The last time the Democrats were in power, the IRS wrongly used its authority to target and harass taxpayers, especially conservative non-profits. Most notably, the Obama IRS was caught unfairly denying conservative groups non-profit status ahead of the 2012 election. Lois Lerner’s political beliefs led to tea party and conservative groups receiving disparate and unfair treatment when applying for non-profit status, according to a detailed report compiled by the Senate Finance Committee. Because of Lerner’s bias, only one conservative organization was granted tax exempt status over a period of more than three years.

Additionally, TIGTA has repeatedly documented the IRS violating taxpayer rights. In one 2017 example, the IRS Criminal Investigation Division (IRS-CI) regularly violated taxpayers’ rights and skirted or ignored due process requirements when investigating taxpayers for allegedly violating the existing $10,000 currency transaction reporting requirements.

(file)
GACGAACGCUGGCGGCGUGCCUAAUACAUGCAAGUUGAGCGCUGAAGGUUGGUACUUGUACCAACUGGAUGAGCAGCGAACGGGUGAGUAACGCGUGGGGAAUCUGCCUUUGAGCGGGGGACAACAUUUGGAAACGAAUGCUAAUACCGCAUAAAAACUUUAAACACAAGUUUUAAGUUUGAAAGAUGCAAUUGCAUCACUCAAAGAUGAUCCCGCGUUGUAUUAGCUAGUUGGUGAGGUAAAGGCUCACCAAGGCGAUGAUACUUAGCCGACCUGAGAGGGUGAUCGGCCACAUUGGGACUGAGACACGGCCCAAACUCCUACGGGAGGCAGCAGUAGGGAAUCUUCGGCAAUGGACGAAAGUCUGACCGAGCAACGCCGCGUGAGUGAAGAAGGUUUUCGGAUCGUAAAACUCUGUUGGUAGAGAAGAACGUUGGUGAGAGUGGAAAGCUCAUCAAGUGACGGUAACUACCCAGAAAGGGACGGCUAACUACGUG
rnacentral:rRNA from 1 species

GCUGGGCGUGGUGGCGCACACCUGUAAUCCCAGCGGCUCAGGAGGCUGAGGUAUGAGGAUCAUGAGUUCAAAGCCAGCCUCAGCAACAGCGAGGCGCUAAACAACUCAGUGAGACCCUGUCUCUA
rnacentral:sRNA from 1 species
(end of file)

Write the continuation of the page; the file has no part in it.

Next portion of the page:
In these reporting requirement cases, almost none found actual fraud, the IRS seized financial assets before ever having talked or consulted with the investigated taxpayers, the IRS didn’t attempt to verify reasonable explanations investigated taxpayers offered, taxpayers were not informed of important information nor the purpose of the interview, and IRS-CI agents most often didn’t properly identify themselves. These were all offenses considered flat out violations of taxpayer rights afforded in the Internal Revenue Manuals.